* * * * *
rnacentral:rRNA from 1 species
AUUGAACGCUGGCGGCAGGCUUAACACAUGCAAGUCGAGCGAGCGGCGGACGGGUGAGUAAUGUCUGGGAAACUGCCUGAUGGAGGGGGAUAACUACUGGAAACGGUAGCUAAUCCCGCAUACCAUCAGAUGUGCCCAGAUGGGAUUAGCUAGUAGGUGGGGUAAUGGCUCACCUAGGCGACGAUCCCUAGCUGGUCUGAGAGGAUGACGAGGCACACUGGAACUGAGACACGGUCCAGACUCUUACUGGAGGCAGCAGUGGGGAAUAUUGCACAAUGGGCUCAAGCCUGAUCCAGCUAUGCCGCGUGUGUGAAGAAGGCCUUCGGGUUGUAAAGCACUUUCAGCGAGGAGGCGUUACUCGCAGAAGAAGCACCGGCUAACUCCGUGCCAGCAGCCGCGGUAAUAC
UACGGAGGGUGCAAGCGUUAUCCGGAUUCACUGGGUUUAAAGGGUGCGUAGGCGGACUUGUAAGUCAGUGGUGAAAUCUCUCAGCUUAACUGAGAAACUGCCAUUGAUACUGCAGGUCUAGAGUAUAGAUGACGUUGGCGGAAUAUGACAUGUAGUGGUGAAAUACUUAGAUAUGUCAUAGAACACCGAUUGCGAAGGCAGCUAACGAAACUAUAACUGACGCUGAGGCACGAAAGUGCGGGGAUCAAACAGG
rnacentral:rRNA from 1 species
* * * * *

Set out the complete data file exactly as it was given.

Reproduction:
rnacentral:rRNA from 1 species
AUUGAACGCUGGCGGCAGGCUUAACACAUGCAAGUCGAGCGAGCGGCGGACGGGUGAGUAAUGUCUGGGAAACUGCCUGAUGGAGGGGGAUAACUACUGGAAACGGUAGCUAAUCCCGCAUACCAUCAGAUGUGCCCAGAUGGGAUUAGCUAGUAGGUGGGGUAAUGGCUCACCUAGGCGACGAUCCCUAGCUGGUCUGAGAGGAUGACGAGGCACACUGGAACUGAGACACGGUCCAGACUCUUACUGGAGGCAGCAGUGGGGAAUAUUGCACAAUGGGCUCAAGCCUGAUCCAGCUAUGCCGCGUGUGUGAAGAAGGCCUUCGGGUUGUAAAGCACUUUCAGCGAGGAGGCGUUACUCGCAGAAGAAGCACCGGCUAACUCCGUGCCAGCAGCCGCGGUAAUAC
UACGGAGGGUGCAAGCGUUAUCCGGAUUCACUGGGUUUAAAGGGUGCGUAGGCGGACUUGUAAGUCAGUGGUGAAAUCUCUCAGCUUAACUGAGAAACUGCCAUUGAUACUGCAGGUCUAGAGUAUAGAUGACGUUGGCGGAAUAUGACAUGUAGUGGUGAAAUACUUAGAUAUGUCAUAGAACACCGAUUGCGAAGGCAGCUAACGAAACUAUAACUGACGCUGAGGCACGAAAGUGCGGGGAUCAAACAGG
rnacentral:rRNA from 1 species